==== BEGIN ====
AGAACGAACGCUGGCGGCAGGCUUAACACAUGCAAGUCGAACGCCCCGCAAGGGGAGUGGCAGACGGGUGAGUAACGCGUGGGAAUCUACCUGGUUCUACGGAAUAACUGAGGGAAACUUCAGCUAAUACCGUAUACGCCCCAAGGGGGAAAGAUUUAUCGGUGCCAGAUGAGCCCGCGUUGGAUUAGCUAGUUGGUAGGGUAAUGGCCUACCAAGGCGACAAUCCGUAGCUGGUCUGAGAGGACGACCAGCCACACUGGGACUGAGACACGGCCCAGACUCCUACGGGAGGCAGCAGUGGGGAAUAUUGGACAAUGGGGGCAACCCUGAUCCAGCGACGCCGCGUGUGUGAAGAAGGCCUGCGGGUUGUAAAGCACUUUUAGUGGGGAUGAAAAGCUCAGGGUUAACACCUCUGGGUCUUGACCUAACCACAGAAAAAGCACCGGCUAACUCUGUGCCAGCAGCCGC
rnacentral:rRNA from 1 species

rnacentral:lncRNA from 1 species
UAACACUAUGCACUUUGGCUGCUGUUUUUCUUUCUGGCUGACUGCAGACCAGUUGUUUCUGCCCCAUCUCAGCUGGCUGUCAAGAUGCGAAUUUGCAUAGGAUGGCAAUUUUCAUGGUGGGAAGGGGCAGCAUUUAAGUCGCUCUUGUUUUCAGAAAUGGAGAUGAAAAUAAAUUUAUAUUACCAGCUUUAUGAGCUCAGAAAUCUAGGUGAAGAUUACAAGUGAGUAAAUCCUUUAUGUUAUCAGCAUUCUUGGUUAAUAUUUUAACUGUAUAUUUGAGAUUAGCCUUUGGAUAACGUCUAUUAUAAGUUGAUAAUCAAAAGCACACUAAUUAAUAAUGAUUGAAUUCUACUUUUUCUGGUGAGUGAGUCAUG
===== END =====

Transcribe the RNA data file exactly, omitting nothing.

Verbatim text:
AGAACGAACGCUGGCGGCAGGCUUAACACAUGCAAGUCGAACGCCCCGCAAGGGGAGUGGCAGACGGGUGAGUAACGCGUGGGAAUCUACCUGGUUCUACGGAAUAACUGAGGGAAACUUCAGCUAAUACCGUAUACGCCCCAAGGGGGAAAGAUUUAUCGGUGCCAGAUGAGCCCGCGUUGGAUUAGCUAGUUGGUAGGGUAAUGGCCUACCAAGGCGACAAUCCGUAGCUGGUCUGAGAGGACGACCAGCCACACUGGGACUGAGACACGGCCCAGACUCCUACGGGAGGCAGCAGUGGGGAAUAUUGGACAAUGGGGGCAACCCUGAUCCAGCGACGCCGCGUGUGUGAAGAAGGCCUGCGGGUUGUAAAGCACUUUUAGUGGGGAUGAAAAGCUCAGGGUUAACACCUCUGGGUCUUGACCUAACCACAGAAAAAGCACCGGCUAACUCUGUGCCAGCAGCCGC
rnacentral:rRNA from 1 species

rnacentral:lncRNA from 1 species
UAACACUAUGCACUUUGGCUGCUGUUUUUCUUUCUGGCUGACUGCAGACCAGUUGUUUCUGCCCCAUCUCAGCUGGCUGUCAAGAUGCGAAUUUGCAUAGGAUGGCAAUUUUCAUGGUGGGAAGGGGCAGCAUUUAAGUCGCUCUUGUUUUCAGAAAUGGAGAUGAAAAUAAAUUUAUAUUACCAGCUUUAUGAGCUCAGAAAUCUAGGUGAAGAUUACAAGUGAGUAAAUCCUUUAUGUUAUCAGCAUUCUUGGUUAAUAUUUUAACUGUAUAUUUGAGAUUAGCCUUUGGAUAACGUCUAUUAUAAGUUGAUAAUCAAAAGCACACUAAUUAAUAAUGAUUGAAUUCUACUUUUUCUGGUGAGUGAGUCAUG